Teaching children how to inhibit impulsive behaviors, manage their big angry feelings, and consider the effects of their behavior on others is a daunting task. Start by encouraging them to look inward. Draw their attention to their internal landscape. Teach them to watch their mental activity. With enough practice, they will make two important discoveries. The first is that their internal world is full of sensations, images, feelings, and thoughts competing for consideration. The second is that they get to choose what they will focus their attention on.
Daniel Siegel uses the analogy of a wheel of awareness to explain this phenomenon (Siegel, 2011). The mind or internalized self is at the wheel’s hub. Sensations, images, feelings, and thoughts extend from the hub to the wheel rim. But none can command the attention of the hub without its permission. Attention always involves choice. And the best choices are those aligned with the goals the child sets for herself. The mind gets to choose where it directs its attention. The choice is based on what it wants to achieve.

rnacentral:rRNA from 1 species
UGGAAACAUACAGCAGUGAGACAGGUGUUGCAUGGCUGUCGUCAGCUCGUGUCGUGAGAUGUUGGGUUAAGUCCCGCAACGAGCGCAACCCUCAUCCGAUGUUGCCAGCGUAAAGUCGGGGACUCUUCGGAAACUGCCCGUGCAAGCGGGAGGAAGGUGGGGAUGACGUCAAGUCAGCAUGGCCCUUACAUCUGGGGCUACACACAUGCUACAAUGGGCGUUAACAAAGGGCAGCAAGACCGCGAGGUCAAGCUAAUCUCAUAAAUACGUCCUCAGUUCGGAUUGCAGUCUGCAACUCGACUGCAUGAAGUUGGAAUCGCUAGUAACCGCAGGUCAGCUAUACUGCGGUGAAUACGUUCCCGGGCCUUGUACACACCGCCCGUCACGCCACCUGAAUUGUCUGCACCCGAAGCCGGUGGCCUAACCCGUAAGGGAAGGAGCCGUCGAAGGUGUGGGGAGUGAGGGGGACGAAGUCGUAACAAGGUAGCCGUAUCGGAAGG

This is a very liberating idea to children with early trauma histories. They are often stuck in reoccurring memories of the past. Use guided imagery to teach these children how to direct their attention to new sensations, images, feelings, and thoughts. Ones that foster happiness and enthusiasm versus those that trigger depression and lethargy.
Begin by having children center themselves in the hub of their internal awareness. From there, ask them to review the spokes of their awareness wheel. Are there any sensations, images, feelings, or thoughts stored there that if attended to, might help them feel safer or more at peace? (Siegel & Payne Bryson 2011). Encourage them to write down any possibilities, and select one that they want to focus on. Together, decide on a strategy they can use to remember what they are focusing on, and draw them back to that image, feeling, or thought when their attention starts to wander – a picture, a note to themselves, an elastic band around their wrist.
Helping experience greater control of their attention, enables them to release their past and imagine a better future. This is an important step in overcoming a history of early childhood trauma.
For more information on teaching children to focus their attention, see:
Siegel, D. (2011). Mindsight. Bantam Books
Siegel, D. & Payne Bryson, T. (2011). The whole- brain child: 12 revolutionary strategies to nurture your child’s developing brain. Mind Your Own Brain, Inc & Bryson Creative Productions, Inc.
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